(Reuters) - The Bank of Japan maintained its massive monetary stimulus and its upbeat view on the economy on Thursday, unfased by recent signs the pain from an April sales tax rise may last longer than expected and make its inflation target harder to achieve.
Following are comments from BOJ Governor Haruhiko Kuroda at his post-meeting news conference:
“Exports and output are showing weak movements. But job and income conditions are improving steadily, and household confidence is firm. Companies, reflecting improving earnings, are maintaining their bullish investment plans. A positive economic cycle remains in place.”
”The U.S. economy is recovering steadily, and the country’s monetary policy is about to complete tapering (its asset purchases). On the other hand, ultra-loose monetary policies are set to continue in Europe and Japan. Judging from fundamentals, it won’t be that surprising if the dollar strengthens.
“I don’t think dollar rises against the yen would be particularly negative for Japan’s economy.”
”The yen overshot against European, U.S. and Asian currencies after the global financial crisis, but then gradually reversed course in line with economic fundamentals. It’s hard to say how currencies will perform from here and how they ought to perform.
“When you look at the differences in monetary policies of the United States, Japan and Europe, you see that Japan and Europe are maintaining easy policies, while the United States is about to end tapering and foresee a rise in short-term interest rates. It’s natural to see a currency of a country whose economy is doing well to rise ... I don’t think it’s undesirable for Japan’s economy for the yen to weaken further from current levels.”
On whether Japan should proceed with the second stage of a sales tax hike to 10 percent next year: ”That’s for the government and parliament to decide, so I don’t have anything in particular to say. But it’s very important for Japan’s fiscal state and for its economy that steady progress is made in efforts to restore fiscal health ...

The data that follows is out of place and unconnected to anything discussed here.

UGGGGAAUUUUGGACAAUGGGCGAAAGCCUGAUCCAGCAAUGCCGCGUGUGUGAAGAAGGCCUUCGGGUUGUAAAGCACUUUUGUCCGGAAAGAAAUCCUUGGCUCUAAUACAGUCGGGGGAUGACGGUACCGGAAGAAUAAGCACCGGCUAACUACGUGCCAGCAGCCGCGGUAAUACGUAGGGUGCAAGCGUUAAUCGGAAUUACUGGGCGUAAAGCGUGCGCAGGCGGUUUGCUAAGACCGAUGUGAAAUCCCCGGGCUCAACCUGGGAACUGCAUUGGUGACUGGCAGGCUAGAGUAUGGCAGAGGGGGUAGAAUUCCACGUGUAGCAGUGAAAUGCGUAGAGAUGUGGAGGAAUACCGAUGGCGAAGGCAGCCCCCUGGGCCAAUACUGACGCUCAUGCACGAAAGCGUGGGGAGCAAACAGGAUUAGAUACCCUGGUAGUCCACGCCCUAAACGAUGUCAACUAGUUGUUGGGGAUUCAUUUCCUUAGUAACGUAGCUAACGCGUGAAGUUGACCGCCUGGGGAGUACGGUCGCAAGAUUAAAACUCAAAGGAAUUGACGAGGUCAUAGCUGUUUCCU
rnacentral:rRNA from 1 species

“The positive cyclical mechanism is in place for both households and companies.”
”It’s hard to compare the risks of proceeding with the second sales tax hike, and delaying it. But a delay in the second sales tax hike may trigger market doubts about the government’s resolve to restore Japan’s finances. The possibility is small but if that happens, there’s not much the government and the BOJ can do.
“On the other hand, if the second sales tax hike or other external factors result in the economy worsening more than expected, there are fiscal and monetary policy measures that can be taken.”
“Frankly, it’s true economic growth has been undershooting our projections (since April last year) due to various one-off factors, including external factors such as soft Asian demand. But inflation has largely moved in line with our forecasts.”
Reporting by Leika Kihara, Stanley White and Tetsushi Kajimoto; Editing by Chris Gallagher